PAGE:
Battelle, Alabama

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Battelle, Alabama
Unincorporated community
Battelle is located in Alabama
Battelle
Battelle
Location within Alabama
Coordinates: 34°38′58″N 85°33′55″W / 34.64944°N 85.56528°W / 34.64944; -85.56528Coordinates: 34°38′58″N 85°33′55″W / 34.64944°N 85.56528°W / 34.64944; -85.56528
Country United States
State Alabama
County DeKalb
Elevation 912 ft (278 m)
Time zone Central (CST) (UTC-6)
 • Summer (DST) CDT (UTC-5)
Area code(s) 256
GNIS feature ID 156036[1]

Battelle is a ghost town in DeKalb County, Alabama, United States. Battelle was once a thriving mining community which was spread in a north – south line along the foot of Lookout Mountain five miles north of Valley Head, Alabama.

At the beginning of the 20th Century, Battelle included hundreds of houses, a school, a commissary, a hotel and post office, in addition to the furnace and coke ovens. Battelle had a water system with water from a spring that was pumped into a large wooden tank and then piped into the surrounding homes.

Mining prospectors found pockets of a fairly good grade of iron ore, coal and limestone. All the ingredients for making pig iron. The Lookout Mountain Iron Company was consequently formed by a group of Ohio mining speculators, headed by Colonel John Gordon Battelle. Although he already had large investments in the iron and steel industry in Ohio and the Middle West, Battelle took a great personal interest in the operation to which he gave his name. He moved there and personally supervised the mine activity until it was determined that the mineral deposits were of insufficient quality or quantity to compete with the mines being developed in the Birmingham area. In 1905 the furnace was placed on a standby basis and the houses and other properties gradually liquidated.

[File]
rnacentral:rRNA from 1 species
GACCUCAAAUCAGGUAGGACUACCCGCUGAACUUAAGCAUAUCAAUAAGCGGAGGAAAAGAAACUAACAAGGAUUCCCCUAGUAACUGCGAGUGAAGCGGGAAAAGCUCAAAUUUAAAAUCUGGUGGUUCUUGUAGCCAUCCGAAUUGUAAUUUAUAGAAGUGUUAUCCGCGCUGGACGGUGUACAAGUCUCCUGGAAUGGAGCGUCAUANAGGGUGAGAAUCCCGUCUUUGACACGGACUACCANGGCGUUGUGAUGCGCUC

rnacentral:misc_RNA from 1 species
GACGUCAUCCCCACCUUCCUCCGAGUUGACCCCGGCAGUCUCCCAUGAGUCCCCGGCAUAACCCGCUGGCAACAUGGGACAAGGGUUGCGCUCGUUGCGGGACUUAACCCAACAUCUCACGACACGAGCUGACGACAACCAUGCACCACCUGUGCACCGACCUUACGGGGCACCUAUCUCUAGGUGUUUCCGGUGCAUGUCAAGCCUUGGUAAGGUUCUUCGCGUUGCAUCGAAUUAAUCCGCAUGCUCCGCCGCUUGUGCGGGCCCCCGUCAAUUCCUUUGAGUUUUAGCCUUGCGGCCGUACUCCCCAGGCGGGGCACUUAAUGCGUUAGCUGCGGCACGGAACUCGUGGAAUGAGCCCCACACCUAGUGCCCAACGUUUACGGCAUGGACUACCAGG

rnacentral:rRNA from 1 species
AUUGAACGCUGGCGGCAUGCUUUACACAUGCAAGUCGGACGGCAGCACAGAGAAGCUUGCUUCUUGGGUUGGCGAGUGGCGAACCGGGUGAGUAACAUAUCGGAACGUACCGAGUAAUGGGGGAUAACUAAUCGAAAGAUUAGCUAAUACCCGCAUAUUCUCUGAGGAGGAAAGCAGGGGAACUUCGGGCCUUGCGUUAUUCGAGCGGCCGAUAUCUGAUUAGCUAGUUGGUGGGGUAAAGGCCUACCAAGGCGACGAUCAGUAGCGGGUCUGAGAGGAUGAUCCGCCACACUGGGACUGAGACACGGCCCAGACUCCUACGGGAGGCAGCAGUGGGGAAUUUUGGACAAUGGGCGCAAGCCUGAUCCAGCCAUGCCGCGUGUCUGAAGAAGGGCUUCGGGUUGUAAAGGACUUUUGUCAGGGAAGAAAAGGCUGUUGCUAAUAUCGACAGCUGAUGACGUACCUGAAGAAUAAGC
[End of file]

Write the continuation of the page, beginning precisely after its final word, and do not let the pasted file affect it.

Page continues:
During World War I, the British government purchased the furnace, which was then dismantled and shipped to Calcutta, India.

Although Battelle’s financial venture in DeKalb County proved unsuccessful; he did very well with other investments. When he died in 1918 he left $4,000,000 to his only son, Gordon Battelle. The younger Battelle, who died in 1923, willed the fortune to the Battelle Memorial Institute of Columbus, Ohio.

After the mining company ceased operations at Battelle and the better homes were sold and moved, there was never much activity in the community. The Belcher Lumber Company of Centerville operated there for a few years in the 1940s. In 1969 when the Alabama Great Southern Railroad train derailed and propane tanks exploded there, news accounts gave the site of the wreck as Battelle.[2]

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